Some more furious rowing enabled me to cut him off before he made it. On the rod end, Allan was taking himself and his gear to the max and beyond. Allan’s a very well built man of 110kg + and was showing this catfish exactly who was the boss here. Allan’s friends were all there to witness the spectacle and help in any way that they could. Lucy managed to take some great footage and pictures of the battle. I’d seen the cat already and knew it was big but estimating its size from the few glimpses I had was pointless.
Tom stood ready with a 42” net but I was pretty convinced that there was no way on earth it could be netted even tail first.
Andy had the better plan and was all gloved up and ready to haul the beast into the mat. I stationed myself in the boat just a few meters in front of the catfish blocking its exit route from the bank towards open water.
Andy knelt down and declared that he’s never gloved a catfish before.
This fact didn’t deter him in any way from the task and he wrestled with the cat a number of times trying to jam his fingers behind the bottom pad and into the cavity that the catfish can open and close at will. Once solidly gripped, much to my amazement, Andy just hauled with all his might and the catfish was wrenched from the water safely into the confines of the massive cradle (the new Fox XL cradle which is just about big enough!). Andy’s an amateur kick boxer and strained every sinew of his body to get that cat out of the water.
I know for a fact that it would have been a two man job for most guys.
We all cheered of course and busily set to with the weighing gear and poured plenty of water over the cat to keep him cool. Our first reading on the scales was 96lbs, wow a new lake record! Then Andy shouted that the sling was still resting a corner on the mat: 96lbs and we still hadn’t felt the full weight of it! A quick adjustment enabled us to balance the cat better and we saw the needle flutter equally either side of the 100lb mark! The whoops and cheers could probably be heard across the fields as we all congratulated Allan on this incredible feat.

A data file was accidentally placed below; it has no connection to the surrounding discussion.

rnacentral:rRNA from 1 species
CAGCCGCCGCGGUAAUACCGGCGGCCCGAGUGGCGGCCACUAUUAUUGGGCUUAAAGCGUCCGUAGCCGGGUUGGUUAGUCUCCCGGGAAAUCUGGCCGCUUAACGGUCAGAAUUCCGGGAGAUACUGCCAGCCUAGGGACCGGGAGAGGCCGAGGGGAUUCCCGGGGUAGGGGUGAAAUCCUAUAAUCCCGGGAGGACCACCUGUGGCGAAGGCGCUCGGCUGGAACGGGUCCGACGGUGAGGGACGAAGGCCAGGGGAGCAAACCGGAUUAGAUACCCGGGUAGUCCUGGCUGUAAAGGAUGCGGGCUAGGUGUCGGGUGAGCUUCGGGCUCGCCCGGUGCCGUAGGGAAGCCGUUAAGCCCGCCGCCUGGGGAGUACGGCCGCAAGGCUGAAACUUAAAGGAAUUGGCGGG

It’s a memory that will live with us all for many years to come and one that Allan will never forget.
Our lake is only one of a handful of lakes in France to hold 100lb plus catfish and so landing one puts you in a very exclusive club indeed. In honour of the momentous event we have created our very own 100lb catfish club and Allan is the founding member! As many of you may know, we name all our 30lb + carp but due to the difficulty of identifying the different specimens we don’t name the big catfish. However in this case we can do it as this 100lb catfish has a uniquely coloured massive green head.
I’m confident of its uniqueness as I remember seeing it during the winter netting.
As first capture, Allan got the honour of naming it and it will now forever be known as Boris!
Our mission here, at Beausoleil, is to enable guests to create magical memories like these. It’s a job we take very seriously and we have a huge amount of passion for. What’s truly magic is when our guests fall as deeply in love with the venue as we are.
Well done Allan and thanks for the magic.